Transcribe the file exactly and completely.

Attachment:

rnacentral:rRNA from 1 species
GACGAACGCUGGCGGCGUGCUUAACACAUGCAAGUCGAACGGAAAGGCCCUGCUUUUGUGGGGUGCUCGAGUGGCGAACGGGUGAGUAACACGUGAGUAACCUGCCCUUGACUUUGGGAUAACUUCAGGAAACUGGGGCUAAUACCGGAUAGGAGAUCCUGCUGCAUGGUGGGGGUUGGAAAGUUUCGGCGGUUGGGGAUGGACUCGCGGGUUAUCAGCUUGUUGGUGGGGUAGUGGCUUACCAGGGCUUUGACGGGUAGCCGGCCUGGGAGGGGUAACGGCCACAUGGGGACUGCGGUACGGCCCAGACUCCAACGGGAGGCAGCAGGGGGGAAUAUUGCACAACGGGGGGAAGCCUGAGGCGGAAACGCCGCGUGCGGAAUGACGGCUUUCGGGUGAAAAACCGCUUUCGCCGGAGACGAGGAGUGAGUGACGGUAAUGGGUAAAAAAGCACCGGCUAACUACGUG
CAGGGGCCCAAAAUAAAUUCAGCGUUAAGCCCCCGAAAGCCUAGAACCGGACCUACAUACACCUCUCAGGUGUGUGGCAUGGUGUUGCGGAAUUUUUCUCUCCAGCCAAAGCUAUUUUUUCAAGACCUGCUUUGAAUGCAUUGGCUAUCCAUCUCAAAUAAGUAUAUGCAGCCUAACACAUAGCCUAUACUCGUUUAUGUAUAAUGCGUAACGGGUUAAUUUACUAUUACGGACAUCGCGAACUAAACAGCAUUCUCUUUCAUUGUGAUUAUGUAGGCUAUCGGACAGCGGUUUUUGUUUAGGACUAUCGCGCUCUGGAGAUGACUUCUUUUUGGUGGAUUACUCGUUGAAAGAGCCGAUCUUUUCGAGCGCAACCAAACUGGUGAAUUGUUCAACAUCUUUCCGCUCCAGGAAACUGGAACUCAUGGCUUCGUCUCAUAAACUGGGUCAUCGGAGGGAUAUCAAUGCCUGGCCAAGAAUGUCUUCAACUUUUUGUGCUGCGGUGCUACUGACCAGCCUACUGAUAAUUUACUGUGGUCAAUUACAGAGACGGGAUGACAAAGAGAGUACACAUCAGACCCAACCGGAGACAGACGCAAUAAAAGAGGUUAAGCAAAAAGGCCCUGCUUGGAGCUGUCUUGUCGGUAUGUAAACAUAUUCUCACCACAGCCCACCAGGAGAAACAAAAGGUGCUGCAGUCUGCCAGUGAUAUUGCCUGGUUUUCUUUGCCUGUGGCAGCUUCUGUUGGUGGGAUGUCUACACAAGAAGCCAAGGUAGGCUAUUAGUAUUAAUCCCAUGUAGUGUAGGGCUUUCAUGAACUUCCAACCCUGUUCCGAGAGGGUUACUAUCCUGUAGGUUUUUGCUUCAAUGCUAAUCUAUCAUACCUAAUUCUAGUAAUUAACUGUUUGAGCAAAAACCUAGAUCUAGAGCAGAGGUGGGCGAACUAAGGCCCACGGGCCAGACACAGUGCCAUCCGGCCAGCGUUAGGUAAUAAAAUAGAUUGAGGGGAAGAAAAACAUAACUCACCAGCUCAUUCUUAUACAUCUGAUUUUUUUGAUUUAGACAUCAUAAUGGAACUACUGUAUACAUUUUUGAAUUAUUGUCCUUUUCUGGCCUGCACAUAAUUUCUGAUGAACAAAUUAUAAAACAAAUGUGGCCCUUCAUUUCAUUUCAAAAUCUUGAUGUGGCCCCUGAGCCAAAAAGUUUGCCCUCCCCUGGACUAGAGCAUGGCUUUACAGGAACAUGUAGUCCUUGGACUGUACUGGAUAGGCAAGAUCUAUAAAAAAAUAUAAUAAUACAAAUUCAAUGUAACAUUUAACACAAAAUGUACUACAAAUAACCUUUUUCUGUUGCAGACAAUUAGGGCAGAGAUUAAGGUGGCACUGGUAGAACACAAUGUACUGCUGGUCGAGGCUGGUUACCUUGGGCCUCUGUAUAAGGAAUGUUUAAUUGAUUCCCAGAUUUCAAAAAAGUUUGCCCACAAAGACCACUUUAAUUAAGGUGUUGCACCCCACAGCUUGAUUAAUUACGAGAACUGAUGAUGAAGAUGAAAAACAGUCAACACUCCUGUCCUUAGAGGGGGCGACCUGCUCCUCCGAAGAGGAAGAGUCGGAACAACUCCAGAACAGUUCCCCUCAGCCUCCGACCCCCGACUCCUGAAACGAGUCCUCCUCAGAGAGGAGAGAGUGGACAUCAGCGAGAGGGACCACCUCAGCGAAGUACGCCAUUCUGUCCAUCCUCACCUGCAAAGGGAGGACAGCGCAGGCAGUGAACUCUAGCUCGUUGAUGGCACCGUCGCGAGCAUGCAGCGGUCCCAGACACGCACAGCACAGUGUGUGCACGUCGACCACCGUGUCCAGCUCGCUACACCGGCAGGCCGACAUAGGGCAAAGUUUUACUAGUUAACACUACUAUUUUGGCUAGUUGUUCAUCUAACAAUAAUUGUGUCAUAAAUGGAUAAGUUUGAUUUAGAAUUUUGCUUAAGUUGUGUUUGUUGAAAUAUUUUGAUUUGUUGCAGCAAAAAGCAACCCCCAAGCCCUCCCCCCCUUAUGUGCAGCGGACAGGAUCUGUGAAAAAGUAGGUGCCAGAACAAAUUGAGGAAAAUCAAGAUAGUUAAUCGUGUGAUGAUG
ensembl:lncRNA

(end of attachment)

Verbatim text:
rnacentral:rRNA from 1 species
GACGAACGCUGGCGGCGUGCUUAACACAUGCAAGUCGAACGGAAAGGCCCUGCUUUUGUGGGGUGCUCGAGUGGCGAACGGGUGAGUAACACGUGAGUAACCUGCCCUUGACUUUGGGAUAACUUCAGGAAACUGGGGCUAAUACCGGAUAGGAGAUCCUGCUGCAUGGUGGGGGUUGGAAAGUUUCGGCGGUUGGGGAUGGACUCGCGGGUUAUCAGCUUGUUGGUGGGGUAGUGGCUUACCAGGGCUUUGACGGGUAGCCGGCCUGGGAGGGGUAACGGCCACAUGGGGACUGCGGUACGGCCCAGACUCCAACGGGAGGCAGCAGGGGGGAAUAUUGCACAACGGGGGGAAGCCUGAGGCGGAAACGCCGCGUGCGGAAUGACGGCUUUCGGGUGAAAAACCGCUUUCGCCGGAGACGAGGAGUGAGUGACGGUAAUGGGUAAAAAAGCACCGGCUAACUACGUG
CAGGGGCCCAAAAUAAAUUCAGCGUUAAGCCCCCGAAAGCCUAGAACCGGACCUACAUACACCUCUCAGGUGUGUGGCAUGGUGUUGCGGAAUUUUUCUCUCCAGCCAAAGCUAUUUUUUCAAGACCUGCUUUGAAUGCAUUGGCUAUCCAUCUCAAAUAAGUAUAUGCAGCCUAACACAUAGCCUAUACUCGUUUAUGUAUAAUGCGUAACGGGUUAAUUUACUAUUACGGACAUCGCGAACUAAACAGCAUUCUCUUUCAUUGUGAUUAUGUAGGCUAUCGGACAGCGGUUUUUGUUUAGGACUAUCGCGCUCUGGAGAUGACUUCUUUUUGGUGGAUUACUCGUUGAAAGAGCCGAUCUUUUCGAGCGCAACCAAACUGGUGAAUUGUUCAACAUCUUUCCGCUCCAGGAAACUGGAACUCAUGGCUUCGUCUCAUAAACUGGGUCAUCGGAGGGAUAUCAAUGCCUGGCCAAGAAUGUCUUCAACUUUUUGUGCUGCGGUGCUACUGACCAGCCUACUGAUAAUUUACUGUGGUCAAUUACAGAGACGGGAUGACAAAGAGAGUACACAUCAGACCCAACCGGAGACAGACGCAAUAAAAGAGGUUAAGCAAAAAGGCCCUGCUUGGAGCUGUCUUGUCGGUAUGUAAACAUAUUCUCACCACAGCCCACCAGGAGAAACAAAAGGUGCUGCAGUCUGCCAGUGAUAUUGCCUGGUUUUCUUUGCCUGUGGCAGCUUCUGUUGGUGGGAUGUCUACACAAGAAGCCAAGGUAGGCUAUUAGUAUUAAUCCCAUGUAGUGUAGGGCUUUCAUGAACUUCCAACCCUGUUCCGAGAGGGUUACUAUCCUGUAGGUUUUUGCUUCAAUGCUAAUCUAUCAUACCUAAUUCUAGUAAUUAACUGUUUGAGCAAAAACCUAGAUCUAGAGCAGAGGUGGGCGAACUAAGGCCCACGGGCCAGACACAGUGCCAUCCGGCCAGCGUUAGGUAAUAAAAUAGAUUGAGGGGAAGAAAAACAUAACUCACCAGCUCAUUCUUAUACAUCUGAUUUUUUUGAUUUAGACAUCAUAAUGGAACUACUGUAUACAUUUUUGAAUUAUUGUCCUUUUCUGGCCUGCACAUAAUUUCUGAUGAACAAAUUAUAAAACAAAUGUGGCCCUUCAUUUCAUUUCAAAAUCUUGAUGUGGCCCCUGAGCCAAAAAGUUUGCCCUCCCCUGGACUAGAGCAUGGCUUUACAGGAACAUGUAGUCCUUGGACUGUACUGGAUAGGCAAGAUCUAUAAAAAAAUAUAAUAAUACAAAUUCAAUGUAACAUUUAACACAAAAUGUACUACAAAUAACCUUUUUCUGUUGCAGACAAUUAGGGCAGAGAUUAAGGUGGCACUGGUAGAACACAAUGUACUGCUGGUCGAGGCUGGUUACCUUGGGCCUCUGUAUAAGGAAUGUUUAAUUGAUUCCCAGAUUUCAAAAAAGUUUGCCCACAAAGACCACUUUAAUUAAGGUGUUGCACCCCACAGCUUGAUUAAUUACGAGAACUGAUGAUGAAGAUGAAAAACAGUCAACACUCCUGUCCUUAGAGGGGGCGACCUGCUCCUCCGAAGAGGAAGAGUCGGAACAACUCCAGAACAGUUCCCCUCAGCCUCCGACCCCCGACUCCUGAAACGAGUCCUCCUCAGAGAGGAGAGAGUGGACAUCAGCGAGAGGGACCACCUCAGCGAAGUACGCCAUUCUGUCCAUCCUCACCUGCAAAGGGAGGACAGCGCAGGCAGUGAACUCUAGCUCGUUGAUGGCACCGUCGCGAGCAUGCAGCGGUCCCAGACACGCACAGCACAGUGUGUGCACGUCGACCACCGUGUCCAGCUCGCUACACCGGCAGGCCGACAUAGGGCAAAGUUUUACUAGUUAACACUACUAUUUUGGCUAGUUGUUCAUCUAACAAUAAUUGUGUCAUAAAUGGAUAAGUUUGAUUUAGAAUUUUGCUUAAGUUGUGUUUGUUGAAAUAUUUUGAUUUGUUGCAGCAAAAAGCAACCCCCAAGCCCUCCCCCCCUUAUGUGCAGCGGACAGGAUCUGUGAAAAAGUAGGUGCCAGAACAAAUUGAGGAAAAUCAAGAUAGUUAAUCGUGUGAUGAUG
ensembl:lncRNA